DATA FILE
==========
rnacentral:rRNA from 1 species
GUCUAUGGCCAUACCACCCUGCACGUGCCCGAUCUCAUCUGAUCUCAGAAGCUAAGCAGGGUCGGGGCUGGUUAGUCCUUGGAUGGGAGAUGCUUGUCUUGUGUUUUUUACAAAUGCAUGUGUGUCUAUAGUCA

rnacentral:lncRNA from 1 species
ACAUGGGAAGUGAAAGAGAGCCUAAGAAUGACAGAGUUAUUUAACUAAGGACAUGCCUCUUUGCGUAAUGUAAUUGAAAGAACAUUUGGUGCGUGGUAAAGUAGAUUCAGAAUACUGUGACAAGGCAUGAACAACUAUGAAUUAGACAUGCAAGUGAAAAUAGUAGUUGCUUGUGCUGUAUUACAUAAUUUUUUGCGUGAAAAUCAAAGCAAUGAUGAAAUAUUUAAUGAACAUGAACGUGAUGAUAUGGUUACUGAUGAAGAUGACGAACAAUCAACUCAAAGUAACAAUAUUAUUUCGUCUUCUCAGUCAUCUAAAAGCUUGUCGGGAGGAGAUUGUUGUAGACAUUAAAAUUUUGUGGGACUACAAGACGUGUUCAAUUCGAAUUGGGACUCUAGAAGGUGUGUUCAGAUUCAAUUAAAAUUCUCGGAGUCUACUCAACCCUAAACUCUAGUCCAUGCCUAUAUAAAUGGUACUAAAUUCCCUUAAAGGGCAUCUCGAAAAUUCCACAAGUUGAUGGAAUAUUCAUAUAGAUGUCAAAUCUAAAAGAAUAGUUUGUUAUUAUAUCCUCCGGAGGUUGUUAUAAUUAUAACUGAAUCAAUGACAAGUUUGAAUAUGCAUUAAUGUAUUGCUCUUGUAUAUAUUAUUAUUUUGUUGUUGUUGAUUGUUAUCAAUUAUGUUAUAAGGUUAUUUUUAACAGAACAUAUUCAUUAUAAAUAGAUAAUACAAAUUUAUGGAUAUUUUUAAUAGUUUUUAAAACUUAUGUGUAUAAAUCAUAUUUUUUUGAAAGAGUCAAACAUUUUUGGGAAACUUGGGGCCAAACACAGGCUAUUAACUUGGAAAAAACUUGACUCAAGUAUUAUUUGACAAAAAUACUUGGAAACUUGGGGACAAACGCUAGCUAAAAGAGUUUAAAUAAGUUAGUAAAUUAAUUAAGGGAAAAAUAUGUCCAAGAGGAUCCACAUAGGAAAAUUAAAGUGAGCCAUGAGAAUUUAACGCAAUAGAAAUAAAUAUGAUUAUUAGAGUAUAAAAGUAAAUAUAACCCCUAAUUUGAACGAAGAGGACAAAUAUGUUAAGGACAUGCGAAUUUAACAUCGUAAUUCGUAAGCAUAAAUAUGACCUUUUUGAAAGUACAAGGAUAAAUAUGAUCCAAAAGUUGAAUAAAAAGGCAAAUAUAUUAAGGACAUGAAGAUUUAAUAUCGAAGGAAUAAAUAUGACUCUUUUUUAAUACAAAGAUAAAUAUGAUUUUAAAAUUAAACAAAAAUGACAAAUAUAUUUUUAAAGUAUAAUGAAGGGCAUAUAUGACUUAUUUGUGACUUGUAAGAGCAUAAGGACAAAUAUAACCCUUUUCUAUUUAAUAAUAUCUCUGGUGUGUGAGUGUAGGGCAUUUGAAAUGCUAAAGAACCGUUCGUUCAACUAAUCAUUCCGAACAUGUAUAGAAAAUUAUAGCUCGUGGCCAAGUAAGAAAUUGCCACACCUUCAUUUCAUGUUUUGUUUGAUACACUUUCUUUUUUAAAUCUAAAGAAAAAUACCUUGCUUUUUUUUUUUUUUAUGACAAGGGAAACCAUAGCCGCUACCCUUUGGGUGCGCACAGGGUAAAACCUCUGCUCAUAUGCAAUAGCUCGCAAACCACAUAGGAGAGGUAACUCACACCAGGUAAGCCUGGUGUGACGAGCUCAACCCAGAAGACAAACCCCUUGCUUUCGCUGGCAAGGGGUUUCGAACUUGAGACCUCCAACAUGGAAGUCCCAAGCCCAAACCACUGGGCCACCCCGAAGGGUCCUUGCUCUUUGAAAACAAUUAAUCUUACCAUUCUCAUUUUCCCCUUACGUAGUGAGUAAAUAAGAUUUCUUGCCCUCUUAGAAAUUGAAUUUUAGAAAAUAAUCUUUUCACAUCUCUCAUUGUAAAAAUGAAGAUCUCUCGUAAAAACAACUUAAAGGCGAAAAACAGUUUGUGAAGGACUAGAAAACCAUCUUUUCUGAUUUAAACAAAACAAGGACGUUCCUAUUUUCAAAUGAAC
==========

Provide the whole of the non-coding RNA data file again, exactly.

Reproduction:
rnacentral:rRNA from 1 species
GUCUAUGGCCAUACCACCCUGCACGUGCCCGAUCUCAUCUGAUCUCAGAAGCUAAGCAGGGUCGGGGCUGGUUAGUCCUUGGAUGGGAGAUGCUUGUCUUGUGUUUUUUACAAAUGCAUGUGUGUCUAUAGUCA

rnacentral:lncRNA from 1 species
ACAUGGGAAGUGAAAGAGAGCCUAAGAAUGACAGAGUUAUUUAACUAAGGACAUGCCUCUUUGCGUAAUGUAAUUGAAAGAACAUUUGGUGCGUGGUAAAGUAGAUUCAGAAUACUGUGACAAGGCAUGAACAACUAUGAAUUAGACAUGCAAGUGAAAAUAGUAGUUGCUUGUGCUGUAUUACAUAAUUUUUUGCGUGAAAAUCAAAGCAAUGAUGAAAUAUUUAAUGAACAUGAACGUGAUGAUAUGGUUACUGAUGAAGAUGACGAACAAUCAACUCAAAGUAACAAUAUUAUUUCGUCUUCUCAGUCAUCUAAAAGCUUGUCGGGAGGAGAUUGUUGUAGACAUUAAAAUUUUGUGGGACUACAAGACGUGUUCAAUUCGAAUUGGGACUCUAGAAGGUGUGUUCAGAUUCAAUUAAAAUUCUCGGAGUCUACUCAACCCUAAACUCUAGUCCAUGCCUAUAUAAAUGGUACUAAAUUCCCUUAAAGGGCAUCUCGAAAAUUCCACAAGUUGAUGGAAUAUUCAUAUAGAUGUCAAAUCUAAAAGAAUAGUUUGUUAUUAUAUCCUCCGGAGGUUGUUAUAAUUAUAACUGAAUCAAUGACAAGUUUGAAUAUGCAUUAAUGUAUUGCUCUUGUAUAUAUUAUUAUUUUGUUGUUGUUGAUUGUUAUCAAUUAUGUUAUAAGGUUAUUUUUAACAGAACAUAUUCAUUAUAAAUAGAUAAUACAAAUUUAUGGAUAUUUUUAAUAGUUUUUAAAACUUAUGUGUAUAAAUCAUAUUUUUUUGAAAGAGUCAAACAUUUUUGGGAAACUUGGGGCCAAACACAGGCUAUUAACUUGGAAAAAACUUGACUCAAGUAUUAUUUGACAAAAAUACUUGGAAACUUGGGGACAAACGCUAGCUAAAAGAGUUUAAAUAAGUUAGUAAAUUAAUUAAGGGAAAAAUAUGUCCAAGAGGAUCCACAUAGGAAAAUUAAAGUGAGCCAUGAGAAUUUAACGCAAUAGAAAUAAAUAUGAUUAUUAGAGUAUAAAAGUAAAUAUAACCCCUAAUUUGAACGAAGAGGACAAAUAUGUUAAGGACAUGCGAAUUUAACAUCGUAAUUCGUAAGCAUAAAUAUGACCUUUUUGAAAGUACAAGGAUAAAUAUGAUCCAAAAGUUGAAUAAAAAGGCAAAUAUAUUAAGGACAUGAAGAUUUAAUAUCGAAGGAAUAAAUAUGACUCUUUUUUAAUACAAAGAUAAAUAUGAUUUUAAAAUUAAACAAAAAUGACAAAUAUAUUUUUAAAGUAUAAUGAAGGGCAUAUAUGACUUAUUUGUGACUUGUAAGAGCAUAAGGACAAAUAUAACCCUUUUCUAUUUAAUAAUAUCUCUGGUGUGUGAGUGUAGGGCAUUUGAAAUGCUAAAGAACCGUUCGUUCAACUAAUCAUUCCGAACAUGUAUAGAAAAUUAUAGCUCGUGGCCAAGUAAGAAAUUGCCACACCUUCAUUUCAUGUUUUGUUUGAUACACUUUCUUUUUUAAAUCUAAAGAAAAAUACCUUGCUUUUUUUUUUUUUUAUGACAAGGGAAACCAUAGCCGCUACCCUUUGGGUGCGCACAGGGUAAAACCUCUGCUCAUAUGCAAUAGCUCGCAAACCACAUAGGAGAGGUAACUCACACCAGGUAAGCCUGGUGUGACGAGCUCAACCCAGAAGACAAACCCCUUGCUUUCGCUGGCAAGGGGUUUCGAACUUGAGACCUCCAACAUGGAAGUCCCAAGCCCAAACCACUGGGCCACCCCGAAGGGUCCUUGCUCUUUGAAAACAAUUAAUCUUACCAUUCUCAUUUUCCCCUUACGUAGUGAGUAAAUAAGAUUUCUUGCCCUCUUAGAAAUUGAAUUUUAGAAAAUAAUCUUUUCACAUCUCUCAUUGUAAAAAUGAAGAUCUCUCGUAAAAACAACUUAAAGGCGAAAAACAGUUUGUGAAGGACUAGAAAACCAUCUUUUCUGAUUUAAACAAAACAAGGACGUUCCUAUUUUCAAAUGAAC